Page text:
#### 2.3. Modeling in Mathcad

- $k$: inductive coupling factor between the inductances L
_{1}and L_{2};

- ${A}_{mp}$: amplitude of the sinusoidal voltage ${u}_{1}\left(t,{A}_{mp},\omega \right)$;

- $\omega $: angular frequency of the sinusoidal voltage ${u}_{1}\left(t,{A}_{mp},\omega \right);$

- ${i}_{L1}\left(t\right)$: electrical current across the primary resonant circuit;

- ${u}_{C1}\left(t\right)$: electrical voltage across the capacitor C
_{1};

- ${i}_{L2}\left(t\right)$: electrical current across inductance L
_{2}and its loss resistance R_{2};

- ${i}_{C2}\left(t\right)$: electrical current across the capacitor C
_{2};

- ${u}_{C2}\left(t\right)$: electrical voltage across the capacitor C
_{2};

- ${u}_{D1}\left(t\right)$: electrical voltage across diode D
_{1};

- ${i}_{D1}\left({u}_{D1}\left(t\right)\right)$: electrical current flowing through the diode D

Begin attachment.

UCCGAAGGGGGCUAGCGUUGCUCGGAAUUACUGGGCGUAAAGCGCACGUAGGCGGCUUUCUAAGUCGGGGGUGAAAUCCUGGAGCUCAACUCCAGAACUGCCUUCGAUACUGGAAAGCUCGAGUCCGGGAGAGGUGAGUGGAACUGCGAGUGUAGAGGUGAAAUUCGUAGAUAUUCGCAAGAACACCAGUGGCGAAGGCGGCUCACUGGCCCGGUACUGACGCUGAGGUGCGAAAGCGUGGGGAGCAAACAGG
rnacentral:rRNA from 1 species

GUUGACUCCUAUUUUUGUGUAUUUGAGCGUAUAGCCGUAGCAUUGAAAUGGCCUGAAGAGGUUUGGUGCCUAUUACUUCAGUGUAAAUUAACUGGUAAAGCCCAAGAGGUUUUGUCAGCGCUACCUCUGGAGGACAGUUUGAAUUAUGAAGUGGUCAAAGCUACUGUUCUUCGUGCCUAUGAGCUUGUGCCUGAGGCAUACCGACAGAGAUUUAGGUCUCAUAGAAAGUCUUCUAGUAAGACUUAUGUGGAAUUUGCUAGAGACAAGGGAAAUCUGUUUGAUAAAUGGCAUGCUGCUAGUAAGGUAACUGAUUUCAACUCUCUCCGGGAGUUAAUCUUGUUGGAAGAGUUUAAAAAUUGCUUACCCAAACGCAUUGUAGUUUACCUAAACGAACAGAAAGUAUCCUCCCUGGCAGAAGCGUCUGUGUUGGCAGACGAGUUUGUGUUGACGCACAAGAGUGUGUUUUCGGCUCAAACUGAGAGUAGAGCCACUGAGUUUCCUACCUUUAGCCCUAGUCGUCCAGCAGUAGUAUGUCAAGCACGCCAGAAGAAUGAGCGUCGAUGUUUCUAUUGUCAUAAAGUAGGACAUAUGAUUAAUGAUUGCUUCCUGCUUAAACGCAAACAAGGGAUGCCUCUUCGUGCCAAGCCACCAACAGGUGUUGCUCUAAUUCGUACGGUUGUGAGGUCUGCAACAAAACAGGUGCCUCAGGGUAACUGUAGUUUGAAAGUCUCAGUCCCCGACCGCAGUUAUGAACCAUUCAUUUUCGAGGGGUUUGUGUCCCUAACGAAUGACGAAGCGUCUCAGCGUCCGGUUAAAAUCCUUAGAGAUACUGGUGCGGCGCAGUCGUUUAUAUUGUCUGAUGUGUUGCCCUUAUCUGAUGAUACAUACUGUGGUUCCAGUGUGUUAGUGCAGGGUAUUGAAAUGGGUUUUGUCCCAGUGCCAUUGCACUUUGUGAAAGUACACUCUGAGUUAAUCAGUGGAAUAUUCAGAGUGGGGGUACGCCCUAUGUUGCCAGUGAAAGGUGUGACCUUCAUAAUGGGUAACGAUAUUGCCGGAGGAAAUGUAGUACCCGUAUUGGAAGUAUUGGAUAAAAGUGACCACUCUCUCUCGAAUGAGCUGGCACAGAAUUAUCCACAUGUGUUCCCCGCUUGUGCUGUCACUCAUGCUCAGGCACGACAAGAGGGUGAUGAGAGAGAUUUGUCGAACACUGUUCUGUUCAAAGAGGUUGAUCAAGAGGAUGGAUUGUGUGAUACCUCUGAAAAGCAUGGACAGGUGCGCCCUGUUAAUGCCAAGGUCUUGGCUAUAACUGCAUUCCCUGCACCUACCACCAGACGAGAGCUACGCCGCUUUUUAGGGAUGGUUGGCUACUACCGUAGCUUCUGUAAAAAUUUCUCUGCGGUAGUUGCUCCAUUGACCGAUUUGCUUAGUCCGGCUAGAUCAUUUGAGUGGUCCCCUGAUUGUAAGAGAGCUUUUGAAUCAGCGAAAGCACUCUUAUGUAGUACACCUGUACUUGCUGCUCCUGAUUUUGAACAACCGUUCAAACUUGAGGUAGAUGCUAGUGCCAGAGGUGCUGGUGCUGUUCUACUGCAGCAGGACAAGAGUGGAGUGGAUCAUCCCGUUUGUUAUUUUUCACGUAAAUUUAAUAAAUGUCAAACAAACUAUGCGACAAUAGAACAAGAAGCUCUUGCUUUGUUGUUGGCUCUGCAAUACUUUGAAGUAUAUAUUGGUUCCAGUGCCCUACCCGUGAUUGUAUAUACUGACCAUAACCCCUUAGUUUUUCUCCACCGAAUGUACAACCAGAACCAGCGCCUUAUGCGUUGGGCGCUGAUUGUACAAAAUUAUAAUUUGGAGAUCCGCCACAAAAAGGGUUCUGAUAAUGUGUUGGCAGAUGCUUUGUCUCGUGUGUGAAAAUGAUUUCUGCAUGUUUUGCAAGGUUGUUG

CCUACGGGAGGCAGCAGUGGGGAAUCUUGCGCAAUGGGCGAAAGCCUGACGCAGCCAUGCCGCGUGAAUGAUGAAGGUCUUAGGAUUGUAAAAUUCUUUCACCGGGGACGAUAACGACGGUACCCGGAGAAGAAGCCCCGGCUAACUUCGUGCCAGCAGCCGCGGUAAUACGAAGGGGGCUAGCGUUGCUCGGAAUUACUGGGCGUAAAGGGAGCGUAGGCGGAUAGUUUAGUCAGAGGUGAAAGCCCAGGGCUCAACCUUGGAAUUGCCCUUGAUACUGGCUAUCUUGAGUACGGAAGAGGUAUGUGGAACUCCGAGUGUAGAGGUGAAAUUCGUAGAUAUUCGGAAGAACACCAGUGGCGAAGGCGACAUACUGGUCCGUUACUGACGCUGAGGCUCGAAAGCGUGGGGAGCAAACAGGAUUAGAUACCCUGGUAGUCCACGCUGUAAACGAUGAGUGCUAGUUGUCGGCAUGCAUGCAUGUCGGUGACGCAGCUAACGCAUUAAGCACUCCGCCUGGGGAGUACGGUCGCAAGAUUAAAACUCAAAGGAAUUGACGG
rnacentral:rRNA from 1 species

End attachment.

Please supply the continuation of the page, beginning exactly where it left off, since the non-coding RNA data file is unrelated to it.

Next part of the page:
_{1}as a function of the voltage ${u}_{D1}\left(t\right)$;

- ${u}_{C4}\left(t\right)$: electrical voltage across the capacitor C
_{4};

- ${i}_{C4}\left(t\right)$: electrical current across the capacitor C
_{4};

- ${i}_{Stim}\left(t\right)$: electrical current across the resistive load R
_{L}.

^{−7}[27,28]. The frequency and pulse duration of the inductive power transfer as well as the time span for calculating Uc2 and Istim were set according to the settings in the measurement setup (see Section 2.2). The number of points for a given solution interval is obtained by dividing the pulse duration by 10 ns. Thus, the number of points ranges between 200 k and 900 k. The capacitors were measured at the frequency of inductive power transfer (see Section 2.1) and were interpolated in Mathcad with third-order B-spline functions.

_{c2}(t) and current i